So hyperobjects are funny. On the one hand, we have all this incredible data about them. On the other hand, we can’t experience them directly. We’ve stumbled upon these huge things, like Han Solo and Princess Leia and the giant worm. So we need philosophy and art to help guide us, while the way we think about things gets upgraded.

Human beings are now going through this upgrade. The upgrade is called ecological awareness.

Timothy Morton is Rita Shea Guffey Chair in English at Rice University in Houston. He is the author of Realist Magic: Objects, Ontology, Causality and Hyperobjects: Philosophy and Ecology after the End Of The World.


1. Mark Fisher
2. One day, the last stop of oil will be used
3. Text 1: Introducing Hyperobjects
4. Places from childhood
5. Carbon
6. Holding back the sea
7. They’ve got a file on you
8. Infrastructure services
9. Billions of stars but none quite like ours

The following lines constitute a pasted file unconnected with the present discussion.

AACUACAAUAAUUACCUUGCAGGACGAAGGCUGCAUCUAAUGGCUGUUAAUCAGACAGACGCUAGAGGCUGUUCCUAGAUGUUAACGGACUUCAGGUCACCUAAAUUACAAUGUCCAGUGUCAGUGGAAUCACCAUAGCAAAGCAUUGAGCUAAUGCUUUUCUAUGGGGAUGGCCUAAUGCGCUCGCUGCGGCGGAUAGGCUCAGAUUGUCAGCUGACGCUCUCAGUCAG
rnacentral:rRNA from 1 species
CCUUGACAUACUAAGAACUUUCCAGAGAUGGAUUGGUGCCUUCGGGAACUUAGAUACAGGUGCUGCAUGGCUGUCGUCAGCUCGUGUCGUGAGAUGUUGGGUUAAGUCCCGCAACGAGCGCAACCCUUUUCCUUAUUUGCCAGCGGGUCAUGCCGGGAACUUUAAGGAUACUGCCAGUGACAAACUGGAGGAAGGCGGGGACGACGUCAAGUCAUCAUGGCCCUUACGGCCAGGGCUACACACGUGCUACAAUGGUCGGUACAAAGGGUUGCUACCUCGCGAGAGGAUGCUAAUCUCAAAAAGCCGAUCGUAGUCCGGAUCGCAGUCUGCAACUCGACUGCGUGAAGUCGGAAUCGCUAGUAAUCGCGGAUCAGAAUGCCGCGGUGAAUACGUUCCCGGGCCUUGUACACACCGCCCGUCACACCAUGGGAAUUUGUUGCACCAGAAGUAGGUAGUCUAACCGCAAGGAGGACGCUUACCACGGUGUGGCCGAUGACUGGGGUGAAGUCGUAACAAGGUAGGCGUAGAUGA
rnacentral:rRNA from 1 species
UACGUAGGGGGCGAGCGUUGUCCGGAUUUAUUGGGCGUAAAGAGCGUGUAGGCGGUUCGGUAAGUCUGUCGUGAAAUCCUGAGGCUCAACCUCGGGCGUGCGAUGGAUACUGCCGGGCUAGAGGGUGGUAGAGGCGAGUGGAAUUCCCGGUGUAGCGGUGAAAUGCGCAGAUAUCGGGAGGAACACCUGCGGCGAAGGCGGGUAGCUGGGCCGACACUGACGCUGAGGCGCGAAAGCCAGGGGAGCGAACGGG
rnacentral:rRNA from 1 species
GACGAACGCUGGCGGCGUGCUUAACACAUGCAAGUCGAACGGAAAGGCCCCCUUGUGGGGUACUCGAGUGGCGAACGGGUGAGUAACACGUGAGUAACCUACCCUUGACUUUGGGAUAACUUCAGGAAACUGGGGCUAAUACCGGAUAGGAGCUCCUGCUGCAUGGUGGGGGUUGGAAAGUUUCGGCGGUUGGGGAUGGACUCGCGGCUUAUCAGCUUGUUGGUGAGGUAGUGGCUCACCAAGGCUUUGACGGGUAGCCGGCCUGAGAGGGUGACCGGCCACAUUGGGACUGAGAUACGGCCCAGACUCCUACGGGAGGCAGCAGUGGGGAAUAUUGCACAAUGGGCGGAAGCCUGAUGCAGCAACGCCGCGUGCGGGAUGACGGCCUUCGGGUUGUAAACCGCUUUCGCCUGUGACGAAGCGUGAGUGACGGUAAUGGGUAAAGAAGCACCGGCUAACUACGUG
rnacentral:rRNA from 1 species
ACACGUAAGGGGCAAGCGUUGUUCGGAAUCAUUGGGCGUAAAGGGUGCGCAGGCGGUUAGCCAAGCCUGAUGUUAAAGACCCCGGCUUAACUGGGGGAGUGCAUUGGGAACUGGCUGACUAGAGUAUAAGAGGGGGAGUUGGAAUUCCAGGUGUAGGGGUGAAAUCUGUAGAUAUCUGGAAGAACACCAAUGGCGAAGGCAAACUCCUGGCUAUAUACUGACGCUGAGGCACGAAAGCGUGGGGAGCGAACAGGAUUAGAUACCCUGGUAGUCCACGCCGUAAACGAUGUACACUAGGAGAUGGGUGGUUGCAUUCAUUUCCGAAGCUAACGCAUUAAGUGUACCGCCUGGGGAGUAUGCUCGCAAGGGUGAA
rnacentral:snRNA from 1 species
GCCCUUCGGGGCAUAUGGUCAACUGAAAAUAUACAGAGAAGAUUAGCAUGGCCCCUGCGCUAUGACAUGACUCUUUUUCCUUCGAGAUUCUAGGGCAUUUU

10. Chaos
11. The River Thames
12. Abandoned chalk quarry
13. Places where we die
14. Dissolving
15. Degrowth
16. Every single plant on earth is dying
17. The hottest December day on record
18. Global supply chains
19. The barrier between humans and Nature
20. Fast food
21. Bridge in fog
22. Mercury rising
23. Rain shelter
24. Ancient woodland
25. The day the sky fell in
26. Geologic time
27. Every plastic bag ever made still exists
28. Up and to the Left
29. Text 2: Hyperobjects continued
30. The other side is still visible
31. Old habits die hard
32. Three trees
33. Cooling
34. Places from childhood
35. Ventilator
36. Renewal
37. Dead end
38. The are 10k passenger planes in the air right now
We Would Rather Be Ruined Than Changed